Well, thank you so much for having me Sam and I just wanna back up and say, you know, us reconnecting at the Calgary CAPS session was really cool. Like just you sharing your story and you being you; that’s an inspiration for me and I believe in inspiration for young people as well as educators. So first of all, thank you. Alright, so a little bit about me, as a kid, I have five, there’s six kids in my family, and as we were growing up, I’m a middle child. And I remember we had the wooden desks and I would always play teacher. It’s like, okay, you know, the little, little ones line up, do the work. I think I really enjoyed doing check marks. You know, it’s like, okay, this is great. And so I actually out of high school, I went into broadcasting and did a couple, I have a diploma in radio arts and thought I wanted to be a radio announcer and after much consideration and some late night news work, I decided to go into education.


Joyce Sunada (03:12):
Mm. I always, I would watch movies that, you know, where the teacher would the underdogs and bring them to life and make everybody successful. And I just loved that. And so that was my dream is how could I reach out and touch students in a way that could empower them to be the best version of themselves or to reach higher than they anticipated? So my journey went from rural Alberta, one who split up to Calgary teaching health and physical education, which is really my passion some classroom teaching. And then at a point I decided to become an administrator and I just dived full in. And at the same time, our three daughters were growing up in, you know, junior high and high school and I burned myself out. Mm. And so it caused me to take a step back and go, you know, what, what, you know, what am I doing?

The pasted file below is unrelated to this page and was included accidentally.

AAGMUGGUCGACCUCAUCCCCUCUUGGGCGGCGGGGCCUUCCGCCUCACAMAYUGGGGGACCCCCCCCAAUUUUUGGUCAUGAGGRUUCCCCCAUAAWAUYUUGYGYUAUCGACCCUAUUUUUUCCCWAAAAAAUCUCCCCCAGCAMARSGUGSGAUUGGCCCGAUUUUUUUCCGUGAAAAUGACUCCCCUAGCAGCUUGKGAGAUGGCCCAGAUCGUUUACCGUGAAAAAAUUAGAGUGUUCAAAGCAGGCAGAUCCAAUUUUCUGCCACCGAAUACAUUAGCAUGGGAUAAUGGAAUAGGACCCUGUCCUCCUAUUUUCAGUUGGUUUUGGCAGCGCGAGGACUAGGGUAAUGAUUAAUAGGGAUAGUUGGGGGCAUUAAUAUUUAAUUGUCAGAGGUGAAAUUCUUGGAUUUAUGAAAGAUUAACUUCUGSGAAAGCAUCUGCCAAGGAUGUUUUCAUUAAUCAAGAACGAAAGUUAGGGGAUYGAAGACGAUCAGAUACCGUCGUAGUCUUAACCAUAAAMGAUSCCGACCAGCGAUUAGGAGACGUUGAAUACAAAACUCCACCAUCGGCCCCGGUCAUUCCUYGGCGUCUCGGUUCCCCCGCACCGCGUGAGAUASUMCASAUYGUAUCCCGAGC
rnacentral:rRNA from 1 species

Joyce Sunada (04:10):
And I believe in hindsight, like hindsight is 2020. You can take that from us, elderly people, Sam is I really just feel that in the place, I wasn’t a hundred percent sure I wanted to be an administrator. Like I love the hands on with the students. And that’s where, you know, I, I got my juice from, but I think I just gave so much. And I tried to please, so many people almost altering myself. I had this vision of what an administrator I thought should be. And so it didn’t fit with who I was now. I know I could be who I am and be an administrator, whoever, whatever I wanna be after the burnout. I, I was sent on a medical leave, which lasted over a year. And during that time had a chance to, you know, ground regroup reassess. And so then I would it back teaching part-time elementary F ed again, my sweet spot.


Joyce Sunada (05:05):
And so was part-time. Mm. Upon getting better, I was approached or had an interview with a provincial organization here in Alberta ever active schools and got a full-time position as a, I guess it’s like a provincial consultant. And then I got an to teach teachers about how to teach. And that was really exciting because now it’s actually probably the first time I really understood the curriculum because now I had to teach the curriculum who are gonna teach it. So it’s interesting how we learn what we most need to, we teach what we most need to learn. And after being with that organization for about four or five years, I started to feel that same kind of trepidation or, you know, the anxiety came back. And, and so I consciously made a decision to leave. I gave a year’s notice, took some coaching courses and then really started to get into the, the professional speaking.